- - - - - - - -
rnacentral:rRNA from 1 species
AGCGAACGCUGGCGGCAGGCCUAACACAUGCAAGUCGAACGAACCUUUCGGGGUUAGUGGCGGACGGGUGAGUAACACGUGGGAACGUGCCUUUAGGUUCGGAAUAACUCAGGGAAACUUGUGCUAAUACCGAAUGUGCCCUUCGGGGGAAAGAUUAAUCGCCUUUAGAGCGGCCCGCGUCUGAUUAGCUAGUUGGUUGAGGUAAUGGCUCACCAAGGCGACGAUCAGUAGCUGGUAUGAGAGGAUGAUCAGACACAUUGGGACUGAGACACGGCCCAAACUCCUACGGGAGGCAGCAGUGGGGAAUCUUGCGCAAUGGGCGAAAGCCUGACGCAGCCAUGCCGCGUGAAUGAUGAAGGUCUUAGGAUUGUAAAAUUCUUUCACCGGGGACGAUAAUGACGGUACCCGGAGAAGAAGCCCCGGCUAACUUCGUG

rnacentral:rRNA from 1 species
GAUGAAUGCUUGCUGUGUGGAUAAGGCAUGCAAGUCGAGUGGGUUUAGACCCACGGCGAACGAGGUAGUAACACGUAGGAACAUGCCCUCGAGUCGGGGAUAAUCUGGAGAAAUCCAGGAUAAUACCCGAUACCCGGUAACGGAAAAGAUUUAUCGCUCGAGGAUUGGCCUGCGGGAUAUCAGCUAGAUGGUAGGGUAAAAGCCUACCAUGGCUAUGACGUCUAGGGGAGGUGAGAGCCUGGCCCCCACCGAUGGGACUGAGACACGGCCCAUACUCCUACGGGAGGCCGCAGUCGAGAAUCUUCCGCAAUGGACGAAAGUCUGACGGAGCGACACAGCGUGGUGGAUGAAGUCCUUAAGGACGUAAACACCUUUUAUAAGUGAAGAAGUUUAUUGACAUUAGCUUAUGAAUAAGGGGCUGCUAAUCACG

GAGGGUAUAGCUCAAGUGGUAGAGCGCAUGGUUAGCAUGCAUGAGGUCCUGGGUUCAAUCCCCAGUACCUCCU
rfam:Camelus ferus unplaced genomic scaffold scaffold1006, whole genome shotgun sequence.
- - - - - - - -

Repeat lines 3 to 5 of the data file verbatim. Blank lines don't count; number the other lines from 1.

rnacentral:rRNA from 1 species
GAUGAAUGCUUGCUGUGUGGAUAAGGCAUGCAAGUCGAGUGGGUUUAGACCCACGGCGAACGAGGUAGUAACACGUAGGAACAUGCCCUCGAGUCGGGGAUAAUCUGGAGAAAUCCAGGAUAAUACCCGAUACCCGGUAACGGAAAAGAUUUAUCGCUCGAGGAUUGGCCUGCGGGAUAUCAGCUAGAUGGUAGGGUAAAAGCCUACCAUGGCUAUGACGUCUAGGGGAGGUGAGAGCCUGGCCCCCACCGAUGGGACUGAGACACGGCCCAUACUCCUACGGGAGGCCGCAGUCGAGAAUCUUCCGCAAUGGACGAAAGUCUGACGGAGCGACACAGCGUGGUGGAUGAAGUCCUUAAGGACGUAAACACCUUUUAUAAGUGAAGAAGUUUAUUGACAUUAGCUUAUGAAUAAGGGGCUGCUAAUCACG

GAGGGUAUAGCUCAAGUGGUAGAGCGCAUGGUUAGCAUGCAUGAGGUCCUGGGUUCAAUCCCCAGUACCUCCU